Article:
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5 Fall Prevention & Home Safety Tips for Older Adults

Posted on by Eric Rubel

As we age, our home may not be as easy to navigate as it once was. Getting up and down a set of stairs may be a chore because of decline in mobility. The risk of slipping and falling in the bathroom is likely much higher, especially if there are no grab bars in the bathtub/shower, or near the toilet.

An option for older adults who are having a difficult time getting around at home is a senior living facility. However, these types of facilities do not offer the familiarity and comfort that a home does. A home is full of memories from parties and gatherings with family and lifelong friends. It is the place where a majority of older prefer to stay as they age. 

grandma sitting on couch with grandson with daughter and husband in background

According to the AARP, 77% of seniors age 65+ prefer to age in place in the long term. So, even though senior living facilities are an option for seniors with limited mobility, it is not the most preferred option in the United States. Most seniors want to age in place because they enjoy their current home, and are familiar with the local community as well as their nearby neighbors. Aging in place is also much more affordable than moving into a senior living facility or a new home.

Lifeway Mobility is a company that provides accessibility and mobility solutions for seniors, such as stair lifts, wheelchair lifts, and wheelchair ramps. 

Below is a list of home safety tips that will help seniors with limited mobility stay safe at home and remain independent.

1. Accessibility

A home that is fully accessible can significantly increase safety and reduce the risk of falling for seniors with limited mobility. For those who struggle with maintaining balance, the stairs, both indoors and outdoors can be dangerous. Below are a few easy ways to improve safety when using the stairs:

  • Keep the stairways clear of any objects, such as boxes or pet toys, and free of ice and snow (outdoor staircases)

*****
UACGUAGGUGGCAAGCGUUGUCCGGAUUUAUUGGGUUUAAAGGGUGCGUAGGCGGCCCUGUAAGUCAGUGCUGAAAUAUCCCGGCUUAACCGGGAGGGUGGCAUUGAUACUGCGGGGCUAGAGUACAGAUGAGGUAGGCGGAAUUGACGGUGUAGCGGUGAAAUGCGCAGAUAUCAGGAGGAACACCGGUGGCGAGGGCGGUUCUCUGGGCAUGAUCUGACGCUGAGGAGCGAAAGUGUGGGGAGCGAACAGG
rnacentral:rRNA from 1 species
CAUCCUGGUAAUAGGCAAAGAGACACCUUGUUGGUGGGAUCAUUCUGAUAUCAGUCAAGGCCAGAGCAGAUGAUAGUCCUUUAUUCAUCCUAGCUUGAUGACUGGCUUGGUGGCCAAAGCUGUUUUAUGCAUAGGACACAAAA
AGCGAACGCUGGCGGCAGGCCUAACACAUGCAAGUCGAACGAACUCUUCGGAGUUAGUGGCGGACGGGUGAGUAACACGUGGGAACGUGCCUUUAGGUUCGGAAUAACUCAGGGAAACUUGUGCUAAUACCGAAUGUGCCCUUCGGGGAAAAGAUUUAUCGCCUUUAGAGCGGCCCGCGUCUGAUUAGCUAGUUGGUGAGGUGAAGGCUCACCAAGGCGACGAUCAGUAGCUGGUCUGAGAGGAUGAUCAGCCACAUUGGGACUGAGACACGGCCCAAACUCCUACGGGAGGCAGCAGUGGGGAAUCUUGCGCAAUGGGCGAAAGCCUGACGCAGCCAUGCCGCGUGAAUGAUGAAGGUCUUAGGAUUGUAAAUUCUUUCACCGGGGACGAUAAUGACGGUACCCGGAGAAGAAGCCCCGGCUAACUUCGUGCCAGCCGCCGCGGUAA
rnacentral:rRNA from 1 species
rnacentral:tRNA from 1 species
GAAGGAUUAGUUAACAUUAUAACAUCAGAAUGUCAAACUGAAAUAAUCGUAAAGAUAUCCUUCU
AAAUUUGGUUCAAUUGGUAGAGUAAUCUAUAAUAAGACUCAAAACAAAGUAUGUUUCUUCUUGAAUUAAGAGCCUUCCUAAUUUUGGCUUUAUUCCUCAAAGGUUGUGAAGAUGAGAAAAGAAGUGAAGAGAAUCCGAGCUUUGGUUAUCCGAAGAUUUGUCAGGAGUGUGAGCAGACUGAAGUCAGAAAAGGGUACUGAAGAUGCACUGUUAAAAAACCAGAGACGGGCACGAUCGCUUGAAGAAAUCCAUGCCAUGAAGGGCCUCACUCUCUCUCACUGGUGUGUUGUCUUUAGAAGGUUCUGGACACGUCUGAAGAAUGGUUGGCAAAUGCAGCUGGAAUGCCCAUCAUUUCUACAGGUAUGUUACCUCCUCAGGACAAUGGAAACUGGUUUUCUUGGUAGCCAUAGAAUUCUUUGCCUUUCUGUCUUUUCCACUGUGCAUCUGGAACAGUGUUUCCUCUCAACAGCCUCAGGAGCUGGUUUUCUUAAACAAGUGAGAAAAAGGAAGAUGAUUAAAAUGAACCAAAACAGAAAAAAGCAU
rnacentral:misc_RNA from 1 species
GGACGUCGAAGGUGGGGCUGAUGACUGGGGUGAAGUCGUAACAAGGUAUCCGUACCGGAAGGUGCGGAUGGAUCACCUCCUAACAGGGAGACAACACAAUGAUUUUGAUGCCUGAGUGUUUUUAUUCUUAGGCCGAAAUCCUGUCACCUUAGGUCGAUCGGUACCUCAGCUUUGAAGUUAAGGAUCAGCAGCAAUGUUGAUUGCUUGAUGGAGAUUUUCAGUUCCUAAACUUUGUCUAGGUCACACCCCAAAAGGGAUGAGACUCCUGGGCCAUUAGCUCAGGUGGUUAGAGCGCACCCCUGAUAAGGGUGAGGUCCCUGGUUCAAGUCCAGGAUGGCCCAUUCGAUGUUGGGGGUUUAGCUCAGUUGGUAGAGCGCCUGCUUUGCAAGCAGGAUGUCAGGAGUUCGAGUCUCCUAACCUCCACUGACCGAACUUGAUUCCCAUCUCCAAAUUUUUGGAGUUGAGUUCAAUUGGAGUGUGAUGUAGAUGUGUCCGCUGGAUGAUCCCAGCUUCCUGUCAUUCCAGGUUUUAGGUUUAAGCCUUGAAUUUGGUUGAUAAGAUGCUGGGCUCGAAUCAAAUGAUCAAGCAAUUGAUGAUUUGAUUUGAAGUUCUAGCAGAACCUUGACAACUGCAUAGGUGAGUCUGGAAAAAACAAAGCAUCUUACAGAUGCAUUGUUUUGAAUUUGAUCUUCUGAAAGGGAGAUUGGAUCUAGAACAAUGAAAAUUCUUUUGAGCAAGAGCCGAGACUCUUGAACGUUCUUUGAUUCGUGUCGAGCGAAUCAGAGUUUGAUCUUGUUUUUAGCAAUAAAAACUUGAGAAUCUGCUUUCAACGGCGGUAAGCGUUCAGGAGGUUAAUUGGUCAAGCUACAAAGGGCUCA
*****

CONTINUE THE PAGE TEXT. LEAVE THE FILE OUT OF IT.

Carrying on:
• Ensure a sturdy railing is in place to provide extra support/stability
  • The top and bottom landings should be free of clutter and not have any loose rugs

Accessibility Modifications

If the recommendations listed are not enough, consider the installation of an "up and down the stairs accessible solution", such as a stair lift, wheelchair lift, or wheelchair ramp. A stair lift typically works best for a senior who can still walk but has difficulty navigating the stairs, while a wheelchair lift or ramp may better options for those who use a wheelchair or powerchair. An accessibility expert from Lifeway can help decide which solution will work the best for your needs and situation.

man riding stairlift in his home wheelchair ramp with landing pad for safe entry/exit to home wheelchair platform lift installed in urban setting by Lifeway Mobility

A wheelchair lift or ramp will allow seniors to remain independent and have easy access to all levels of the house.

It is also important to check the driveway and sidewalks near your home for cracks. If there are any cracks in the cement near your home, ask a son, daughter, friend, or neighbor to fill the crack. Also, some villages or towns have a maintenance person who can come fill a crack in the cement outside your home. These types of cracks are a tripping hazard and can lead to a fall, which can result in a serious injury.

2. Lighting

Having adequate lighting in all rooms in a home is very important. Being able to see clearly helps seniors avoid obstacles, maintain balance and reduces the risk of falling at home. As we age, eyesight can decline. It’s easy to overlook this when we choose lighting. It may have been easy to live with just a few overhead lights in each room, but now more is needed.

To make a senior’s home safer:

  • Ensure that all lights are working properly.
  • Add light to floors, by the bed, where the telephone is kept, under cabinets, and in specific areas where they spend most of their time.